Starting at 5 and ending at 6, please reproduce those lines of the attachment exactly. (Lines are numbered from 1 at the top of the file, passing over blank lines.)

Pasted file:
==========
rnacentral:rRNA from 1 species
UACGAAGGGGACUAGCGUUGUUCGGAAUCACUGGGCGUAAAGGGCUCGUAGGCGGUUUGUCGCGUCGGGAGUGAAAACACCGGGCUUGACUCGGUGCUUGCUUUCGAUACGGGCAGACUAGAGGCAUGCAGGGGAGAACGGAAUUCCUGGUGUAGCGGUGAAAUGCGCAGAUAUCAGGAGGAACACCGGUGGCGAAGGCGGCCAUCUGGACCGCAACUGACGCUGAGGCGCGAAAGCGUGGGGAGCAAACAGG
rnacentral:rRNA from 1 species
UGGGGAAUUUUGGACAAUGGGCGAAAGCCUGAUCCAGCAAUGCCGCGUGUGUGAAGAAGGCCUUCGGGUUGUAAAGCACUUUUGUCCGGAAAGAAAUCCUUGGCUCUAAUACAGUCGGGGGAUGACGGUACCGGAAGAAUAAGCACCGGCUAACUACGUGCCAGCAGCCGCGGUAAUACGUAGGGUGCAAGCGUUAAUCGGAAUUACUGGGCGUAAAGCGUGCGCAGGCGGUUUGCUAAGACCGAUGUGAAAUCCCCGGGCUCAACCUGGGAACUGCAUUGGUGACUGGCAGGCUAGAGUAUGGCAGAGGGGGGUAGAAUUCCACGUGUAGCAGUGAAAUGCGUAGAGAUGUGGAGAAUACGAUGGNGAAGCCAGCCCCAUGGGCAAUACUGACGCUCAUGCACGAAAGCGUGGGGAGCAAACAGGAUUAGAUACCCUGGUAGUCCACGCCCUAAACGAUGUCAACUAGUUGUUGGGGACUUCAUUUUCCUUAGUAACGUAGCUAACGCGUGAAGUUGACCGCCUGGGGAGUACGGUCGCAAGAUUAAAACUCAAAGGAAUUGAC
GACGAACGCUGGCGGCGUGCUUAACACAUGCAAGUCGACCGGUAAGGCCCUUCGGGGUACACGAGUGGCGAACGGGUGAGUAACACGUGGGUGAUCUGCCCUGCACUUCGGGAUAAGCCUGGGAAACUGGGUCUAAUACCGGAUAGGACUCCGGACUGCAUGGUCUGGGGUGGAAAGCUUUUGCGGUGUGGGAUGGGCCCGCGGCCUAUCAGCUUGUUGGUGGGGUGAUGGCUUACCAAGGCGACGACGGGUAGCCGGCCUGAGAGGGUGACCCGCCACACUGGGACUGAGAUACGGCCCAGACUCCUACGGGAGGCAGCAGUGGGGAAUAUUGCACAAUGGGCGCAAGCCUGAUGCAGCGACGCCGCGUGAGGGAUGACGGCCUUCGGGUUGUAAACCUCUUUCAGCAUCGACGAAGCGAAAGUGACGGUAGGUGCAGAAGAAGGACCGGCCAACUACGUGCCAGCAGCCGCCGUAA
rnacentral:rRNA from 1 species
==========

GACGAACGCUGGCGGCGUGCUUAACACAUGCAAGUCGACCGGUAAGGCCCUUCGGGGUACACGAGUGGCGAACGGGUGAGUAACACGUGGGUGAUCUGCCCUGCACUUCGGGAUAAGCCUGGGAAACUGGGUCUAAUACCGGAUAGGACUCCGGACUGCAUGGUCUGGGGUGGAAAGCUUUUGCGGUGUGGGAUGGGCCCGCGGCCUAUCAGCUUGUUGGUGGGGUGAUGGCUUACCAAGGCGACGACGGGUAGCCGGCCUGAGAGGGUGACCCGCCACACUGGGACUGAGAUACGGCCCAGACUCCUACGGGAGGCAGCAGUGGGGAAUAUUGCACAAUGGGCGCAAGCCUGAUGCAGCGACGCCGCGUGAGGGAUGACGGCCUUCGGGUUGUAAACCUCUUUCAGCAUCGACGAAGCGAAAGUGACGGUAGGUGCAGAAGAAGGACCGGCCAACUACGUGCCAGCAGCCGCCGUAA
rnacentral:rRNA from 1 species